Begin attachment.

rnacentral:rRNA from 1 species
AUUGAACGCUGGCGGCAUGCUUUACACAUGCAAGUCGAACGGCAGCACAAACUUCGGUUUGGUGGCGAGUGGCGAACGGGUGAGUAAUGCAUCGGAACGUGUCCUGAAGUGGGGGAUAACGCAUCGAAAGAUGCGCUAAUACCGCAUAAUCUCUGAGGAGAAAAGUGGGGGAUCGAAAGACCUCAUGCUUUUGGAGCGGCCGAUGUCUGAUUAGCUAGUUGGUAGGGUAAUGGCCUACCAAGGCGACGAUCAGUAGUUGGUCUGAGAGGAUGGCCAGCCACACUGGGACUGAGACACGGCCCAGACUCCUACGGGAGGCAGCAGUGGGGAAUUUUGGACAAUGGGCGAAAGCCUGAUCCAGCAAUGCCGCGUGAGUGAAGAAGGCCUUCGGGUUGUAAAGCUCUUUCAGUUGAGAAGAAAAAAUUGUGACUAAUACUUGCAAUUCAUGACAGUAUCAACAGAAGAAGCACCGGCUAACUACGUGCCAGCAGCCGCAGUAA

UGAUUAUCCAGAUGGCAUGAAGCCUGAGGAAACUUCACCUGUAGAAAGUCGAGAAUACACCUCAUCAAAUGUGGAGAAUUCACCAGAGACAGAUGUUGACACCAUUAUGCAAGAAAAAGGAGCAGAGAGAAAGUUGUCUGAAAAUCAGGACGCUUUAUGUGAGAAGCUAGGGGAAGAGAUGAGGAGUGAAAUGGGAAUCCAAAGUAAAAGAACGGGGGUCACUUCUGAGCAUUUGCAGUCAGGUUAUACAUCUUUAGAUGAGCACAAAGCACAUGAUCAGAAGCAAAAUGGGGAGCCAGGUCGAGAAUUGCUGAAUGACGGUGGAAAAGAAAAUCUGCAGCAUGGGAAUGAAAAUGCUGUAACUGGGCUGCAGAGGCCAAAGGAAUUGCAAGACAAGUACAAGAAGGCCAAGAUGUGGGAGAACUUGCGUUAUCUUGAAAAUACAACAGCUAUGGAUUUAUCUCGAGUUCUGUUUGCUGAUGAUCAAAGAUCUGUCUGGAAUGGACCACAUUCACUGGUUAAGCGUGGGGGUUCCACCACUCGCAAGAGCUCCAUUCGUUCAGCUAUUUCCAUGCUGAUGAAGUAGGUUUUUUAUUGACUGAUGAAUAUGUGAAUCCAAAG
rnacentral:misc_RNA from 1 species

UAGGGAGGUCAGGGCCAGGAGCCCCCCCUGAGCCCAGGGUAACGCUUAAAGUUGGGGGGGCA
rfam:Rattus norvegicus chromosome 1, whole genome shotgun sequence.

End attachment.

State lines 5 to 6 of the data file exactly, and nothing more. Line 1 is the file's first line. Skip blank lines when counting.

UAGGGAGGUCAGGGCCAGGAGCCCCCCCUGAGCCCAGGGUAACGCUUAAAGUUGGGGGGGCA
rfam:Rattus norvegicus chromosome 1, whole genome shotgun sequence.